Year. Tons. Tons. Value.

1895 …………… 969, 122 728, 609 $ 6, 193, 817 1896 …………… 1,371, 709 694, 243 7, 165, 873 1897 …………… 1, 475,305 674,076 7,362, 221 1898 …………… 1, 852, 248 697, 163 8,534, 863 1899 …………… 1, 618, 826 971, 736, 10, 443, 740 1900 …………… 2,029,398 643, 179 10,073, 703 1.901 …………… 1, 958, 895 917,084 11,508,315 1902 …………… 2,382, 803 290, 736 11,348,312 1903 …………… 3, 231, 478 997, 733 19, 121, 743 1904 …………… 3,063, 849 827, 878 16,357, 287 1905 …………… 2, 827, 420 779,598 15, 192,570 1906 …………… 4, 435, 968 888,572 21, 744, 860 1907 ………….. 5, 868, 152 1, 169,027 25, 615,054 1908 …………… 4, 764, 878 1,040, 825 21, 752, 765 1909 …………… 4,525,329 1, 137,378 21, 815, 932 From the above figures it will be seen that the consumption of coal has more than quadrupled in the past fifteen years, while the average of value has not. One reason for the latter fact is that many kinds of coal are now brought to the port of low value per ton, that fifteen years ago had no commercial use. Fine screenings formerly had no value, but with the modern improvements that have been made in furnaces this class of coal is in demand and has a large use. In the early days of the coal trade at Duluth thousands of tons of this fine coal, the refuse of the screens, was used for making new ground and was dumped indiscriminately wherever a place could be found for it. In some of 157  the great docks that line the Duluth-Superior harbor almost the only filling used was this coal dust, and today if this could be recovered it would be worth many hundreds of thousands of dollars.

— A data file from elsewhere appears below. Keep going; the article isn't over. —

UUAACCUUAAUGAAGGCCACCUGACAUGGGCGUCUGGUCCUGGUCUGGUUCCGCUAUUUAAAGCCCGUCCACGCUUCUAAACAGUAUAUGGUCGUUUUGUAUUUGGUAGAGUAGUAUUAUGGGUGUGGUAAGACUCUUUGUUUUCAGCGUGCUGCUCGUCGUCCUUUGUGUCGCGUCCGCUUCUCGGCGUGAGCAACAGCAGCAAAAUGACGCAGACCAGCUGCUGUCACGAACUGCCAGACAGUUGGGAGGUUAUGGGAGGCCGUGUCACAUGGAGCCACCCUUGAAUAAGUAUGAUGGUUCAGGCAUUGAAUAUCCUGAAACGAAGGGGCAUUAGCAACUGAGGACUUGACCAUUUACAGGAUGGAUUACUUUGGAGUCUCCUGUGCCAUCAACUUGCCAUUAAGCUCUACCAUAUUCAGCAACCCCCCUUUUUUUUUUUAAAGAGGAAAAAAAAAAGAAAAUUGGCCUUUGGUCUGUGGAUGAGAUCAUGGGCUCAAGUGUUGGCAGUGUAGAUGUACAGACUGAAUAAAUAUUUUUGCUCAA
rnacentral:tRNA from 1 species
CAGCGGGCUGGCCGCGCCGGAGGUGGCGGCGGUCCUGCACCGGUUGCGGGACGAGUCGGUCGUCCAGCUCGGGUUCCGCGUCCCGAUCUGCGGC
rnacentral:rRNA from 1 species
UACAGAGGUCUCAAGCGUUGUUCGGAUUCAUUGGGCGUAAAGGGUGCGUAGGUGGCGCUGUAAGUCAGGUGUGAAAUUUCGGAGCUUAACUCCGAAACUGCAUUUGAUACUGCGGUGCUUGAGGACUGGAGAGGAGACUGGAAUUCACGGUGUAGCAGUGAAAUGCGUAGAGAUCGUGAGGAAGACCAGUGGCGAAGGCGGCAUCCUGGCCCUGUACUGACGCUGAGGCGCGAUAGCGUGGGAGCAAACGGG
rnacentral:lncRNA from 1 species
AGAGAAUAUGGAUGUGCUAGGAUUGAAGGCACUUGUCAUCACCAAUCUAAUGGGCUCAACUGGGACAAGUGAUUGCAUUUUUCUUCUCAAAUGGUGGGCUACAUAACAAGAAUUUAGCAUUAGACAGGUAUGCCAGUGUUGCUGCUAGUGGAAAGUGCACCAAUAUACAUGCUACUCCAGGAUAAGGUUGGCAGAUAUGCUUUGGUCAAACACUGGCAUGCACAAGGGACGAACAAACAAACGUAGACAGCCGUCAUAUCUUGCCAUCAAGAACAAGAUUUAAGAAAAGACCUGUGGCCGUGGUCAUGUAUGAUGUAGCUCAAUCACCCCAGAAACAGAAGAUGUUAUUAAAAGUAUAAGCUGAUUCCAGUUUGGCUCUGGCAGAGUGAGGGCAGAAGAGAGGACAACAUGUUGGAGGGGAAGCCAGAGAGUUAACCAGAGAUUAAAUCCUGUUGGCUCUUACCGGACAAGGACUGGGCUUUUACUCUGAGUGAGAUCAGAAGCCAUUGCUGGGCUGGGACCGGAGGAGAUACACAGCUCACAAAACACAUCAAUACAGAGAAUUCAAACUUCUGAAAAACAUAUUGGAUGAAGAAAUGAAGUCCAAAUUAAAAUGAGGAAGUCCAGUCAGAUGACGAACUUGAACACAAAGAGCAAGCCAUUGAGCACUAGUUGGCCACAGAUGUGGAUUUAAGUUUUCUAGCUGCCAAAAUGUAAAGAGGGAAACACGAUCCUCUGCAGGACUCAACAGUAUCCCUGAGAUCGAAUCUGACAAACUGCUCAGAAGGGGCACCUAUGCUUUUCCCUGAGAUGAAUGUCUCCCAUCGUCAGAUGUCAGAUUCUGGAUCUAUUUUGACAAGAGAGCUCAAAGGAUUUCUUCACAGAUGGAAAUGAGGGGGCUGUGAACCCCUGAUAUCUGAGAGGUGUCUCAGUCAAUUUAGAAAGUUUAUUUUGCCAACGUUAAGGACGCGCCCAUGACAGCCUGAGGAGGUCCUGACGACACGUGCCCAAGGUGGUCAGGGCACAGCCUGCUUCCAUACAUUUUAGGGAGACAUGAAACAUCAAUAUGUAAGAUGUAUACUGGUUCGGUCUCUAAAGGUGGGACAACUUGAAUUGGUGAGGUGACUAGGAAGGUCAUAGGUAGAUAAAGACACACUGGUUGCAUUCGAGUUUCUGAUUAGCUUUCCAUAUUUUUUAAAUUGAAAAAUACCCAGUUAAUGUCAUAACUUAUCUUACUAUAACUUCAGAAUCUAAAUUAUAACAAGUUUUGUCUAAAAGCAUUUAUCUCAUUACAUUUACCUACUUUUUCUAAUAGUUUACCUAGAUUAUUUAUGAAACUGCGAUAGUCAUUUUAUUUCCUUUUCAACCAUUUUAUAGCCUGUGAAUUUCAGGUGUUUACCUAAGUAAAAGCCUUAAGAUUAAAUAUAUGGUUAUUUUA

There are also some amazing discrepancies in the movement of coal shown by the above figures which require a word of explanation.

The movement of 1902 compared with the figures of 1903 shows a tremendous variation, especially in anthracite coal. This was due to the great coal miners’ strike in the East that year, during which it was almost an impossibility to get any anthracite.

The eastern owners were short themselves, and even the supply of bituminous was affected. There were many thousands of tons of coal brought to Duluth that season by rail from the mines of Indiana and Illinois, and, owing to the scarcity, prices advanced to a point that shows little variation in the gross value of the tonnage received by water. In 1908 there was another marked falling off in both receipts and value, from the figures of 1907, but this is explained by the great strike of the lake seamen, which for a few months paralyzed the carrying trade of the lakes.

Prior to 1870, and during the early ’70s, the coal trade of the combined ports was inconsiderable, for reasons which have been explained. What little was received here during that time came in sailing vessels partly, partly in tows, and a little in steamers.

The latter were small affairs, compared with the vessels that now navigate the lakes, and their carrying capacity could be gauged in hundreds of tons each, where now they run into the thousands.

The movement of general freight from the lower lakes was also small in those days, but it was frequently the case that a vessel would bring a cargo of coal as ballast, and sell it for such prices as could be obtained.

The first man to engage in the coal trade in Duluth on any extensive scale was E. N. Saunders, who came to the city in 1870.

In 1871 he engaged in the coal business, and later organized the Northwestern Fuel Company, which is one of the great companies dealing in coal at the head of the lakes, and of which Mr. Saunders is still president. He at once saw the advantages that Duluth possessed as a distributing point for coal through the Northwest, and foresaw the enormous trade that would be developed through the settlement of the country. In this respect Mr. Saunders must be classed as one of the original optimists, but it is doubtful if 158 MARINE COMMERCE even if he could foresee the tremendous proportions to which the trade would develop. In 1871 the coal trade of the port amounted to only about 20,000 tons.